Conditions associated with T-wave alternans

In normal hearts T wave alternans is a physiological rate related phenomenon. It is considered to be pathological when it occurs at heart rates <110bpm.[7],[8] TWA is seen in many disease states like congestive heart failure, acute ischemia, drug effects, Brugada syndrome, and hypertrophic cardiomyopathy. Though the mechanism of TWA may be different in these various diseases, generally 2 major hypotheses exist to explain the mechanism of TWA.

Mechanism of T-wave alternans

The Action Potential Duration Restitution Hypothesis states that when heart rate exceeds the ability of a repolarization channel to fully recover from time-dependent inactivation, the ion channel is partially open upon initiation of the next beat. This shortens the APD of the next beat, and its diastolic recovery interval is greater. Subsequently, the channel is more recovered and thus is less open upon initiation (less net repolarization current), resulting in longer APD and shorter diastolic interval, perpetuating action potential alternans.[8]

The Calcium-Cycling (Calcium Restitution) Hypothesis states that cellular alternans occurs when heart rate exceeds the capacity of the myocyte's intracellular machinery to cycle calcium on an every-beat basis. Consequently, sarcoplasmic reticular and cytoplasmic calcium flux alternates secondary to alterations in intracellular calcium.[8]

T-wave alternans and arrhythmogenesis

T wave alternans can be concordant or discordant, and this difference is important as it forms the basis of arrhythmogenesis. When action potential alternans is first initiated above a particular threshold heart rate, there is no phase difference between the various regions /cells in the myocardium. This is known as spatially concordant action potential and is not arrhythmogenic.[8] With further acceleration of heart rate or a premature impulse, spatial discordance sets in. Here, myocytes in neighboring regions of myocardium exhibit action potentials that alternate with opposite phase. Discordant alternans has a significant impact on the spatial organization of repolarization across the ventricle and creates significant gradients of repolarization that are sufficient to cause conduction block, promoting reentrant excitation.[9] It serves as a mechanism for dynamically amplifying electrophysiologic heterogeneities in the heart to produce conditions for re-entrant, and is always a pre-requisite for initiating re-entry.[2]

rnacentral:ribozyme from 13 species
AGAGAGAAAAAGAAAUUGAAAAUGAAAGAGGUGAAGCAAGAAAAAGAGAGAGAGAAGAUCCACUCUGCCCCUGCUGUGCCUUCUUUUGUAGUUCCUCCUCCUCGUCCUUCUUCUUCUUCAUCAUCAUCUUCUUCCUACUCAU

T-wave alternans in long QT syndrome

Long-QT syndrome is different unusual in that T-wave alternans and arrhythmias are provoked at slow rather than increased heart rates. The role of calcium handling as the primary mechanism of TWA is also unclear though it is considered that it might contribute. The autonomic nervous system seems to play an important modulatory role in cardiac alternans in long-QT syndrome.[2],[5]

Declaration of patient consent

The authors certify that they have obtained all appropriate patient consent forms. In the form the patient(s) has/have given his/her/their consent for his/her/their images and other clinical information to be reported in the journal. The patients understand that their names and initials will not be published and due efforts will be made to conceal their identity, but anonymity cannot be guaranteed.

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Conflicts of interest

There are no conflicts of interest.